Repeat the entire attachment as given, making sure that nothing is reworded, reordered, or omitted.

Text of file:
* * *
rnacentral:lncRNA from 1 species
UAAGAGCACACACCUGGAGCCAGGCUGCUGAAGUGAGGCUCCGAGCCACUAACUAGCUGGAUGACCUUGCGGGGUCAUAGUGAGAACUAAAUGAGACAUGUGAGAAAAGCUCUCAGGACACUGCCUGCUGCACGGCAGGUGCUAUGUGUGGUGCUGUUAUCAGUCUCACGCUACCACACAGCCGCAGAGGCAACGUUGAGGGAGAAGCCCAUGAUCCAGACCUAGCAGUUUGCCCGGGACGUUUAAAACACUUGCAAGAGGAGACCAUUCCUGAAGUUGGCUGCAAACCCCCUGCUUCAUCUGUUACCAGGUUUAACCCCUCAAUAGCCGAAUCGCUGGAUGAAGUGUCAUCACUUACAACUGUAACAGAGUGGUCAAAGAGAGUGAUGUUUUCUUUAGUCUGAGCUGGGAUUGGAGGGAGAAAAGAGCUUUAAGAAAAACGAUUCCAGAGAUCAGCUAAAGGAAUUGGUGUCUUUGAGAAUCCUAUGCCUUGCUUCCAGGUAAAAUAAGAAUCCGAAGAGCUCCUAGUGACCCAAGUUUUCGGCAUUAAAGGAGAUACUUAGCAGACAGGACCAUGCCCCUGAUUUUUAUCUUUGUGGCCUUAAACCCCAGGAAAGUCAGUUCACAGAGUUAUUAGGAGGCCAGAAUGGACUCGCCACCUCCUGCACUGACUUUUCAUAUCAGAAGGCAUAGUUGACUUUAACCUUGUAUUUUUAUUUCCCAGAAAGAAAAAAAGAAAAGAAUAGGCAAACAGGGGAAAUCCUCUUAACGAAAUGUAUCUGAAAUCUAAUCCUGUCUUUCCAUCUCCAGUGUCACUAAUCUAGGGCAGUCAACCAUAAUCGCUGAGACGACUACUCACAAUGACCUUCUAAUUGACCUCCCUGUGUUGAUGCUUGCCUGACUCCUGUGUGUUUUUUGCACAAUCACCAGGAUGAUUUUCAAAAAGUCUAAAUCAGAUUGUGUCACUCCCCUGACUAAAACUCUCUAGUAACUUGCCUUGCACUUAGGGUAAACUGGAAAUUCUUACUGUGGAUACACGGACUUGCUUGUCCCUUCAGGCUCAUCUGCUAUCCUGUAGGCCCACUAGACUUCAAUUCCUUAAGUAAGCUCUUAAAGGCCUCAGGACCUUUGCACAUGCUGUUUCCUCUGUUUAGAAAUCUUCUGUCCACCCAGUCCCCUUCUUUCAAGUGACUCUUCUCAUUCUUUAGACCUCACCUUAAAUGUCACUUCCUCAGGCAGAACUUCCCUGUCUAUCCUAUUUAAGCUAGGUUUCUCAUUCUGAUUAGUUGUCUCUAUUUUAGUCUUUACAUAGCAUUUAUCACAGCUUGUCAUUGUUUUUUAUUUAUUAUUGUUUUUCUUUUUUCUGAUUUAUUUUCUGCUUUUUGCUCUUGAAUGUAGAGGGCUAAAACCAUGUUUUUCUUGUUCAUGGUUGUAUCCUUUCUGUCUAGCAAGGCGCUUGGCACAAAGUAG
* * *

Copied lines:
rnacentral:lncRNA from 1 species
UAAGAGCACACACCUGGAGCCAGGCUGCUGAAGUGAGGCUCCGAGCCACUAACUAGCUGGAUGACCUUGCGGGGUCAUAGUGAGAACUAAAUGAGACAUGUGAGAAAAGCUCUCAGGACACUGCCUGCUGCACGGCAGGUGCUAUGUGUGGUGCUGUUAUCAGUCUCACGCUACCACACAGCCGCAGAGGCAACGUUGAGGGAGAAGCCCAUGAUCCAGACCUAGCAGUUUGCCCGGGACGUUUAAAACACUUGCAAGAGGAGACCAUUCCUGAAGUUGGCUGCAAACCCCCUGCUUCAUCUGUUACCAGGUUUAACCCCUCAAUAGCCGAAUCGCUGGAUGAAGUGUCAUCACUUACAACUGUAACAGAGUGGUCAAAGAGAGUGAUGUUUUCUUUAGUCUGAGCUGGGAUUGGAGGGAGAAAAGAGCUUUAAGAAAAACGAUUCCAGAGAUCAGCUAAAGGAAUUGGUGUCUUUGAGAAUCCUAUGCCUUGCUUCCAGGUAAAAUAAGAAUCCGAAGAGCUCCUAGUGACCCAAGUUUUCGGCAUUAAAGGAGAUACUUAGCAGACAGGACCAUGCCCCUGAUUUUUAUCUUUGUGGCCUUAAACCCCAGGAAAGUCAGUUCACAGAGUUAUUAGGAGGCCAGAAUGGACUCGCCACCUCCUGCACUGACUUUUCAUAUCAGAAGGCAUAGUUGACUUUAACCUUGUAUUUUUAUUUCCCAGAAAGAAAAAAAGAAAAGAAUAGGCAAACAGGGGAAAUCCUCUUAACGAAAUGUAUCUGAAAUCUAAUCCUGUCUUUCCAUCUCCAGUGUCACUAAUCUAGGGCAGUCAACCAUAAUCGCUGAGACGACUACUCACAAUGACCUUCUAAUUGACCUCCCUGUGUUGAUGCUUGCCUGACUCCUGUGUGUUUUUUGCACAAUCACCAGGAUGAUUUUCAAAAAGUCUAAAUCAGAUUGUGUCACUCCCCUGACUAAAACUCUCUAGUAACUUGCCUUGCACUUAGGGUAAACUGGAAAUUCUUACUGUGGAUACACGGACUUGCUUGUCCCUUCAGGCUCAUCUGCUAUCCUGUAGGCCCACUAGACUUCAAUUCCUUAAGUAAGCUCUUAAAGGCCUCAGGACCUUUGCACAUGCUGUUUCCUCUGUUUAGAAAUCUUCUGUCCACCCAGUCCCCUUCUUUCAAGUGACUCUUCUCAUUCUUUAGACCUCACCUUAAAUGUCACUUCCUCAGGCAGAACUUCCCUGUCUAUCCUAUUUAAGCUAGGUUUCUCAUUCUGAUUAGUUGUCUCUAUUUUAGUCUUUACAUAGCAUUUAUCACAGCUUGUCAUUGUUUUUUAUUUAUUAUUGUUUUUCUUUUUUCUGAUUUAUUUUCUGCUUUUUGCUCUUGAAUGUAGAGGGCUAAAACCAUGUUUUUCUUGUUCAUGGUUGUAUCCUUUCUGUCUAGCAAGGCGCUUGGCACAAAGUAG